## [1,] 19.49054 16.94287
## [2,] 19.97416 21.92676
## [3,] 21.00121 23.18822
#instead of binding, we can stack these column sums by using tranpose function t():
t(sapply(list2, colSums))
##          [,1]     [,2]     [,3]
## [1,] 19.49054 19.97416 21.00121
## [2,] 16.94287 21.92676 23.18822

Practical uses of lists using lapply()

Finally, what are lists good for? Often, I find a lists are great when I want to store multi-dimensional objects into one object, for example group a bunch of data.frames into a list, or store all my model results into one list. Here’s an example, where I run four linear models for four different outcomes. I want to store all my models into one object.

There are two ways to do this:

  • Use a for() loop and insert the results of each iteration into the list
  • Use lapply! Faster and less code
#create some data
set.seed(2000)
x=rbinom(1000,1,.6)
mydata<-data.frame(trt=x,
                   out1=x*3+rnorm(1000,0,3),
                   out2=x*5+rnorm(1000,0,3),
                   out3=rnorm(1000,5,3),
                   out4=x*1+rnorm(1000,0,8))

head(mydata)
##   trt      out1      out2      out3       out4
## 1   1  1.496148 5.2140842 7.8220283 12.7108382
## 2   0 -1.243485 0.5332667 2.8407921  4.6709677
## 3   1 11.070722 4.6477594 4.6725192  0.4216170
## 4   1  2.681000 1.8717883 0.3333281  0.4401036
## 5   0 -3.459300 0.8945582 3.1010555 -0.2620342
## 6   1 -2.266221 9.1754452 6.4914437  3.0443185

Now I want to run each of the four outcomes on the trt variable using linear regression and save the results. I’ll do this first as a loop, then using lapply():

#1. Use a loop
#first, initialize the results list
results<-vector("list", 4) 

#now use a loop for each outcome
for(i in 1:4){
  results[[i]]<-lm(mydata[,i+1]~trt, data = mydata) 
}


#2.Or, use lapply in one statement!
results<-lapply(2:5, function(x) lm(mydata[,x]~trt, data = mydata))

In the second case, we are taking the vector c(2,3,4,5) and for each component of this vector, we’re running the model that we describe in the function. We can always name the components of the list as below, and I’ll print out the first two elements:

names(results)<-names(mydata)[2:5]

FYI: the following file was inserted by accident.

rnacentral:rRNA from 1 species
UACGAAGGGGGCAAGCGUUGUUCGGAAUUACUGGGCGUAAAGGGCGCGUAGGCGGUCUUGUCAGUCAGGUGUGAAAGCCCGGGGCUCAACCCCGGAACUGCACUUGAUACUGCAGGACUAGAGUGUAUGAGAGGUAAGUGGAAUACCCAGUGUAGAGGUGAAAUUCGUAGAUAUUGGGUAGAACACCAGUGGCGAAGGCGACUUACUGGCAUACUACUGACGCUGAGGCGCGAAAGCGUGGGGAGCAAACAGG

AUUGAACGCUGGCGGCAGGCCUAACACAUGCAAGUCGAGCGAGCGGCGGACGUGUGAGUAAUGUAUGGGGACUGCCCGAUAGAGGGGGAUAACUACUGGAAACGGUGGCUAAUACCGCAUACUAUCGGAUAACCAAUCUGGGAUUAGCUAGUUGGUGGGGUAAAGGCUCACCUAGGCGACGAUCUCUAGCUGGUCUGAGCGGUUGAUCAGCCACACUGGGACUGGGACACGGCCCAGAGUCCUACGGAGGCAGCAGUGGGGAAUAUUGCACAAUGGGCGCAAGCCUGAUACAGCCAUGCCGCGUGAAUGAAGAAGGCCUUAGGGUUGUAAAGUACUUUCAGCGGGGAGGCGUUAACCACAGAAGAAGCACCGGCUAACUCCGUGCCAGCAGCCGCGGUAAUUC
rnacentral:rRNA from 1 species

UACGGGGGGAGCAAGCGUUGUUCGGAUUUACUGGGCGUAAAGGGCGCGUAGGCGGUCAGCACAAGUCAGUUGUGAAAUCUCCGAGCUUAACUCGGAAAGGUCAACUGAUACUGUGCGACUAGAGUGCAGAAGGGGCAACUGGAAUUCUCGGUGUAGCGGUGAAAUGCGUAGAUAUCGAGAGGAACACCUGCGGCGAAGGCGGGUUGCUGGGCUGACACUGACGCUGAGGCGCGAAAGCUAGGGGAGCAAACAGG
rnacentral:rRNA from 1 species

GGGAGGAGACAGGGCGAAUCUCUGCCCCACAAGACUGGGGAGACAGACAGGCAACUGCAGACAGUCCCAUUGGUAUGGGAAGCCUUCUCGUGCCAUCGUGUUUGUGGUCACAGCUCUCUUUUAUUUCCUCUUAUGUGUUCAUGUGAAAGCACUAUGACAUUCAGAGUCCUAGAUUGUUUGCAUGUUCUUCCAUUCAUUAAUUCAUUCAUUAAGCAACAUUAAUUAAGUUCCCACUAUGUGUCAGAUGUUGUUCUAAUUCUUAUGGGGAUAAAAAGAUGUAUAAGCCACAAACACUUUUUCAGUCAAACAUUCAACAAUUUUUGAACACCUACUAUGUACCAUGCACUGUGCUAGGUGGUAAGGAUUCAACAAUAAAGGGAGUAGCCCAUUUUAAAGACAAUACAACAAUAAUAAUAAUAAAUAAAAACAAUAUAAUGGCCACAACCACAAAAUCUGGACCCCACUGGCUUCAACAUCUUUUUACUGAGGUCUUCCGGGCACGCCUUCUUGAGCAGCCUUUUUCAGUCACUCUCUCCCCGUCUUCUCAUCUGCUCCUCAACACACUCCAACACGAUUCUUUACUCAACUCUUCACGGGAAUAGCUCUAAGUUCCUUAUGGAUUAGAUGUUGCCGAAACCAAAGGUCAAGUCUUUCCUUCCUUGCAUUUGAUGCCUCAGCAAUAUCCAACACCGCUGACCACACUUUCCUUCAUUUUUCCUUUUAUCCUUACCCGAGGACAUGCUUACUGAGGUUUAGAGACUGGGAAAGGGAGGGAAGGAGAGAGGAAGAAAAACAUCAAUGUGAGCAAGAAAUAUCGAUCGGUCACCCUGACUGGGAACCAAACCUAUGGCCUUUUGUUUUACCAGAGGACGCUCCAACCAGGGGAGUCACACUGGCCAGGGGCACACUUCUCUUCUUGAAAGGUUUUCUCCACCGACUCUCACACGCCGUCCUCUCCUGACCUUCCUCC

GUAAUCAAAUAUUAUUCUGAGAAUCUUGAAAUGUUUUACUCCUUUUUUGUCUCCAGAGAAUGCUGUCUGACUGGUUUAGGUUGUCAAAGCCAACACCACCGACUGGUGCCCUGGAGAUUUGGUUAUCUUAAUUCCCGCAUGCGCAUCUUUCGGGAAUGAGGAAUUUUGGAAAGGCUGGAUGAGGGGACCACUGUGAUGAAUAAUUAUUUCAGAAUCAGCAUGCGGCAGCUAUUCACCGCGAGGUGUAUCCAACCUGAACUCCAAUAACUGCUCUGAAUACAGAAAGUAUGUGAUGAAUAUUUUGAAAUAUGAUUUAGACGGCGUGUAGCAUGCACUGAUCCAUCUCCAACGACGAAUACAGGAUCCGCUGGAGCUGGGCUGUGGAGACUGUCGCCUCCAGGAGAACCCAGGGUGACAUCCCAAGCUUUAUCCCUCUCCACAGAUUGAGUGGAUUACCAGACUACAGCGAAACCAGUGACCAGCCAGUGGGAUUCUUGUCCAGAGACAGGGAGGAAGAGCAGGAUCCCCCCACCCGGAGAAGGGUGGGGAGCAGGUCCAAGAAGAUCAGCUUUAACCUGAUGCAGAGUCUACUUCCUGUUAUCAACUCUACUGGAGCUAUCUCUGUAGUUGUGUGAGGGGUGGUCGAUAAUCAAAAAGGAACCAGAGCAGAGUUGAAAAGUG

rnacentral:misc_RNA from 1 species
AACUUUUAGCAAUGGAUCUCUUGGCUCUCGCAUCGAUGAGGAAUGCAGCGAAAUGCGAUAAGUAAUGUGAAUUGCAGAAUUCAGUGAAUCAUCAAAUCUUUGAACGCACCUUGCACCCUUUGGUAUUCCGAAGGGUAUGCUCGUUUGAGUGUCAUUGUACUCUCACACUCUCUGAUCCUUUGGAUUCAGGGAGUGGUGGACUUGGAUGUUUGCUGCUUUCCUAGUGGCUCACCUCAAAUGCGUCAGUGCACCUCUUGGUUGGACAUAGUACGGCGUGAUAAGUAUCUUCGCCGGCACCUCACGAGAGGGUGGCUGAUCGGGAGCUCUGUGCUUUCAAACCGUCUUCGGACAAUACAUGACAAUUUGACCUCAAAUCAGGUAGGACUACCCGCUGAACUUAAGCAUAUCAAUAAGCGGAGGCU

print(results, max=2)
## $out1
## 
## Call:
## lm(formula = mydata[, x] ~ trt, data = mydata)
## 
## Coefficients:
## (Intercept)          trt  
##      0.1905       2.7707  
## 
## 
## $out2
## 
## Call:
## lm(formula = mydata[, x] ~ trt, data = mydata)
## 
## Coefficients:
## (Intercept)          trt  
##    -0.01892      4.73405  
## 
## 
##  [ reached getOption("max.print") -- omitted 2 entries ]

Why is this a great way to store data? Well, we can keep using the apply() functions, for example to put together all of the treatment effects for each outcome into one matrix:

#extract coefficient and std error for each outcome and store in a matrix
sapply(results, function(x) summary(x)$coefficients[2,1:2])
##                 out1      out2       out3      out4
## Estimate   2.7707490 4.7340543 -0.1344969 1.3293520
## Std. Error 0.1915748 0.1876549  0.1912755 0.5324664

You can also easily use other functions like stargazer() (previous post on this function here) to create a quick table of results like so (in latex code):

require(stargazer)
stargazer(results, 
          column.labels=names(results),
          keep.stat=c("rsq","n"),
          dep.var.labels="")

 

Or easily create a graph of the model estimates and 95% confidence intervals:

#extract coefficients from the list
coefs<-as.data.frame(t(sapply(results, function(x) summary(x)$coefficients[2,1:2])))
coefs
##        Estimate Std. Error
## out1  2.7707490  0.1915748
## out2  4.7340543  0.1876549
## out3 -0.1344969  0.1912755
## out4  1.3293520  0.5324664
#add outcome columnn and change name of SE column
coefs$Outcome<-rownames(coefs)
names(coefs)[2]<-"SE"

#use ggplot to plot all the estimates
require(ggplot2)
ggplot(coefs, aes(Outcome,Estimate)) +
  geom_point(size=4) + 
  theme(legend.position="none")+
  labs(title="Treatment effect on outcomes", x="", y="Estimate and 95% CI")+
  geom_errorbar(aes(ymin=Estimate-1.96*SE,ymax=Estimate+1.96*SE),width=0.1)+
  geom_hline(yintercept = 0, color="red")+
  coord_flip()

 

I hope that was useful! There are many great ways to use lists and the apply() functions to make your programming more efficient and less prone to errors.

For another great resource on using the apply() functions with lists, definitely check out this StackOverflow page.

To leave a comment for the author, please follow the link and comment on their blog: R for Public Health.